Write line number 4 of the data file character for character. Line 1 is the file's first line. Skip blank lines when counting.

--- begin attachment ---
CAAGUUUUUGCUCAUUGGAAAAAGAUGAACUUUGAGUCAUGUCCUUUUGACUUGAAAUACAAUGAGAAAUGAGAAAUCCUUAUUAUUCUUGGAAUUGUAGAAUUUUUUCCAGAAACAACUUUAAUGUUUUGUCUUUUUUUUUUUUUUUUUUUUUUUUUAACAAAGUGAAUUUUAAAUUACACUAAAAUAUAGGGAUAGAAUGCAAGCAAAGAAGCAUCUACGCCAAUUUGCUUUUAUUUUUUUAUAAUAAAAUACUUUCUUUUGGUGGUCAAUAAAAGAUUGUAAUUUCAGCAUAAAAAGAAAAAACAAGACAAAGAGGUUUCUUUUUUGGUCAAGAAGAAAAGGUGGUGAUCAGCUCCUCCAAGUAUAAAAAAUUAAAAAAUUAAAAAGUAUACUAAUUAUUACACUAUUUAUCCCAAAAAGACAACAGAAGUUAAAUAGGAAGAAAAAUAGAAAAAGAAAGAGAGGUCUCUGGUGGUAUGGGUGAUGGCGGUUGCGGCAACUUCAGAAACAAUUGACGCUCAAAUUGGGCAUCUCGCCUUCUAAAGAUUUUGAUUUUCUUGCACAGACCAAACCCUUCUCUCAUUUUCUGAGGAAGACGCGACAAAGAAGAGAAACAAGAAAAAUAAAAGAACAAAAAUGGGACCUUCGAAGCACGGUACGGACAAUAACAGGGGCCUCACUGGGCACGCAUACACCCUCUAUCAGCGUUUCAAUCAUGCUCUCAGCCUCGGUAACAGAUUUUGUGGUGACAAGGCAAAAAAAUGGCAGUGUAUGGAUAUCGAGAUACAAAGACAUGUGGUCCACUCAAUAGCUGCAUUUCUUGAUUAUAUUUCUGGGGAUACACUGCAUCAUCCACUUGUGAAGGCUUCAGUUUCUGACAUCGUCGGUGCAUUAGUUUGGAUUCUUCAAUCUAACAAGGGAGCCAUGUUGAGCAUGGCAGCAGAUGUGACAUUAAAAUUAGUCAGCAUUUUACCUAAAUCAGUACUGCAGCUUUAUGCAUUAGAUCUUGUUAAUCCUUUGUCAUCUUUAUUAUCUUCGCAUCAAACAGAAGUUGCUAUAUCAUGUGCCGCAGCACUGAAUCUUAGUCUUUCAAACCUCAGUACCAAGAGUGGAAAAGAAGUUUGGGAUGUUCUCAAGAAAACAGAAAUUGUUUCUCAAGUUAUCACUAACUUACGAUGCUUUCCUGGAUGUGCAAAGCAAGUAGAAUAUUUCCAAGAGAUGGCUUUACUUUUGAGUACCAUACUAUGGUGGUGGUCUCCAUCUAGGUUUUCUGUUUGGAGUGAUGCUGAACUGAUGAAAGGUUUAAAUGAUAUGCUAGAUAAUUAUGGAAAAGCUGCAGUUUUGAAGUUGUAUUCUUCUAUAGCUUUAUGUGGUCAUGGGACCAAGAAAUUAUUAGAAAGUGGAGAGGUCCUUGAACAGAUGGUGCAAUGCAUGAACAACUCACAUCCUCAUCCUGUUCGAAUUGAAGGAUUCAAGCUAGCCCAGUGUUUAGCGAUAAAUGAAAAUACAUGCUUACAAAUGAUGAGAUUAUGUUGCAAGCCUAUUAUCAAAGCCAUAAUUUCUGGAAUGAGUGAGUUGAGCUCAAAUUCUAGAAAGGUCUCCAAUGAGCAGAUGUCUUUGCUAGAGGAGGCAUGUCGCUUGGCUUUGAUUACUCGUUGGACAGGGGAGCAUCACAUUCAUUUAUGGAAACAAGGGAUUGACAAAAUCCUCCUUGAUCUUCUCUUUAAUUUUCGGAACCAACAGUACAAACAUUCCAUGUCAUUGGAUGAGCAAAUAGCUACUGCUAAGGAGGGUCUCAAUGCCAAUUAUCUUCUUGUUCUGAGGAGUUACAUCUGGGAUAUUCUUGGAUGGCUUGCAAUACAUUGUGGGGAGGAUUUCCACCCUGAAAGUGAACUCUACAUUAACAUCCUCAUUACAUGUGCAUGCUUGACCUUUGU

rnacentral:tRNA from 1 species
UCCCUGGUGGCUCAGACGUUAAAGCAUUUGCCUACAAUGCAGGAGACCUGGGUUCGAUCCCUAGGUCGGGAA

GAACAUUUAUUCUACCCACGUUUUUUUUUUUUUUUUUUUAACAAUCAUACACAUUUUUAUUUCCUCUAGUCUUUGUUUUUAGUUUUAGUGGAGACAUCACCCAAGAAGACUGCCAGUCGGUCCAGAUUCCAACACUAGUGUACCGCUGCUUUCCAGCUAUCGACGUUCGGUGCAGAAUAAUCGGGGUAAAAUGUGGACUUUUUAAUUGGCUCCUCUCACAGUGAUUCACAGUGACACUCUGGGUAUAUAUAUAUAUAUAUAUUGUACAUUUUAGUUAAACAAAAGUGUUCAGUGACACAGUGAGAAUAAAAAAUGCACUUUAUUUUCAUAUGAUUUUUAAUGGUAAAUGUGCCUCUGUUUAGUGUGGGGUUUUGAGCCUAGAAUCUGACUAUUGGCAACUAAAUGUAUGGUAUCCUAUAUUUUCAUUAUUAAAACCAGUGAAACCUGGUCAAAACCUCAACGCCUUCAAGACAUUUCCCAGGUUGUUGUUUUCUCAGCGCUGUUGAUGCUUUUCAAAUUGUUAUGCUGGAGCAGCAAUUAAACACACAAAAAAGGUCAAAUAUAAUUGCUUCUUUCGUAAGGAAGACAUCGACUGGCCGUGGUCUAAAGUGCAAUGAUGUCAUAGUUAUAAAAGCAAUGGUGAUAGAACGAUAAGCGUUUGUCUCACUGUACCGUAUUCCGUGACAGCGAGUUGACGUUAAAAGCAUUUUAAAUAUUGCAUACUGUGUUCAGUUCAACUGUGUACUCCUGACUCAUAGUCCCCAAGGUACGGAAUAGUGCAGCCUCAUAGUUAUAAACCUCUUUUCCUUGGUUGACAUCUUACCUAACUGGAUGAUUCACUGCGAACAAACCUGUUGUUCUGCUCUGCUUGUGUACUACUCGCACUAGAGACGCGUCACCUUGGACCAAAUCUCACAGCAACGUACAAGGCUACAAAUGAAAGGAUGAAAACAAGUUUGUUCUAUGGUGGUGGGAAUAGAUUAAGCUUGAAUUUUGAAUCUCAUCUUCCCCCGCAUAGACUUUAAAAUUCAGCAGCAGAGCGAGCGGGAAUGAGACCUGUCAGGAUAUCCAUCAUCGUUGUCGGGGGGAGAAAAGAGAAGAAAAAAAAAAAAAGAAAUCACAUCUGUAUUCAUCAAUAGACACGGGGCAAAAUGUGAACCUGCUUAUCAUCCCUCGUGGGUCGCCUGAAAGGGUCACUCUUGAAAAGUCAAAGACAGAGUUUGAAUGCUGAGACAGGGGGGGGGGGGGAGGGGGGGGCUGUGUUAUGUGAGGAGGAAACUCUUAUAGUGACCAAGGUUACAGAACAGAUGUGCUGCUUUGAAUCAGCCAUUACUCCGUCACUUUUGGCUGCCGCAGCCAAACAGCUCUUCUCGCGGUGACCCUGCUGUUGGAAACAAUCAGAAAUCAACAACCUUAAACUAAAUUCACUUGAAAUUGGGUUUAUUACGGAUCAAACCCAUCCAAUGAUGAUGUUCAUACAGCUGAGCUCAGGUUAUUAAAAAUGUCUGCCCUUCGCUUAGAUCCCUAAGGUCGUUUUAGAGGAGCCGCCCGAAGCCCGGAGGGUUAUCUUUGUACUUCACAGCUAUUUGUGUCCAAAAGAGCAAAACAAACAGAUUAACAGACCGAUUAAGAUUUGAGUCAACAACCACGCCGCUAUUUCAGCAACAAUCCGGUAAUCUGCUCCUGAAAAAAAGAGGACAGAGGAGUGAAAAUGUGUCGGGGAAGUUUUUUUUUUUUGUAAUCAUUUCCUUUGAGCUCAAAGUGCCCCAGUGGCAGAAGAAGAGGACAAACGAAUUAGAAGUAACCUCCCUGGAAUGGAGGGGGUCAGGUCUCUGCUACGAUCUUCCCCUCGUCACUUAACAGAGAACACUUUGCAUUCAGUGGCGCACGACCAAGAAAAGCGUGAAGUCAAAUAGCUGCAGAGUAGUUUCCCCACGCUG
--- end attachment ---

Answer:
GAACAUUUAUUCUACCCACGUUUUUUUUUUUUUUUUUUUAACAAUCAUACACAUUUUUAUUUCCUCUAGUCUUUGUUUUUAGUUUUAGUGGAGACAUCACCCAAGAAGACUGCCAGUCGGUCCAGAUUCCAACACUAGUGUACCGCUGCUUUCCAGCUAUCGACGUUCGGUGCAGAAUAAUCGGGGUAAAAUGUGGACUUUUUAAUUGGCUCCUCUCACAGUGAUUCACAGUGACACUCUGGGUAUAUAUAUAUAUAUAUAUUGUACAUUUUAGUUAAACAAAAGUGUUCAGUGACACAGUGAGAAUAAAAAAUGCACUUUAUUUUCAUAUGAUUUUUAAUGGUAAAUGUGCCUCUGUUUAGUGUGGGGUUUUGAGCCUAGAAUCUGACUAUUGGCAACUAAAUGUAUGGUAUCCUAUAUUUUCAUUAUUAAAACCAGUGAAACCUGGUCAAAACCUCAACGCCUUCAAGACAUUUCCCAGGUUGUUGUUUUCUCAGCGCUGUUGAUGCUUUUCAAAUUGUUAUGCUGGAGCAGCAAUUAAACACACAAAAAAGGUCAAAUAUAAUUGCUUCUUUCGUAAGGAAGACAUCGACUGGCCGUGGUCUAAAGUGCAAUGAUGUCAUAGUUAUAAAAGCAAUGGUGAUAGAACGAUAAGCGUUUGUCUCACUGUACCGUAUUCCGUGACAGCGAGUUGACGUUAAAAGCAUUUUAAAUAUUGCAUACUGUGUUCAGUUCAACUGUGUACUCCUGACUCAUAGUCCCCAAGGUACGGAAUAGUGCAGCCUCAUAGUUAUAAACCUCUUUUCCUUGGUUGACAUCUUACCUAACUGGAUGAUUCACUGCGAACAAACCUGUUGUUCUGCUCUGCUUGUGUACUACUCGCACUAGAGACGCGUCACCUUGGACCAAAUCUCACAGCAACGUACAAGGCUACAAAUGAAAGGAUGAAAACAAGUUUGUUCUAUGGUGGUGGGAAUAGAUUAAGCUUGAAUUUUGAAUCUCAUCUUCCCCCGCAUAGACUUUAAAAUUCAGCAGCAGAGCGAGCGGGAAUGAGACCUGUCAGGAUAUCCAUCAUCGUUGUCGGGGGGAGAAAAGAGAAGAAAAAAAAAAAAAGAAAUCACAUCUGUAUUCAUCAAUAGACACGGGGCAAAAUGUGAACCUGCUUAUCAUCCCUCGUGGGUCGCCUGAAAGGGUCACUCUUGAAAAGUCAAAGACAGAGUUUGAAUGCUGAGACAGGGGGGGGGGGGGAGGGGGGGGCUGUGUUAUGUGAGGAGGAAACUCUUAUAGUGACCAAGGUUACAGAACAGAUGUGCUGCUUUGAAUCAGCCAUUACUCCGUCACUUUUGGCUGCCGCAGCCAAACAGCUCUUCUCGCGGUGACCCUGCUGUUGGAAACAAUCAGAAAUCAACAACCUUAAACUAAAUUCACUUGAAAUUGGGUUUAUUACGGAUCAAACCCAUCCAAUGAUGAUGUUCAUACAGCUGAGCUCAGGUUAUUAAAAAUGUCUGCCCUUCGCUUAGAUCCCUAAGGUCGUUUUAGAGGAGCCGCCCGAAGCCCGGAGGGUUAUCUUUGUACUUCACAGCUAUUUGUGUCCAAAAGAGCAAAACAAACAGAUUAACAGACCGAUUAAGAUUUGAGUCAACAACCACGCCGCUAUUUCAGCAACAAUCCGGUAAUCUGCUCCUGAAAAAAAGAGGACAGAGGAGUGAAAAUGUGUCGGGGAAGUUUUUUUUUUUUGUAAUCAUUUCCUUUGAGCUCAAAGUGCCCCAGUGGCAGAAGAAGAGGACAAACGAAUUAGAAGUAACCUCCCUGGAAUGGAGGGGGUCAGGUCUCUGCUACGAUCUUCCCCUCGUCACUUAACAGAGAACACUUUGCAUUCAGUGGCGCACGACCAAGAAAAGCGUGAAGUCAAAUAGCUGCAGAGUAGUUUCCCCACGCUG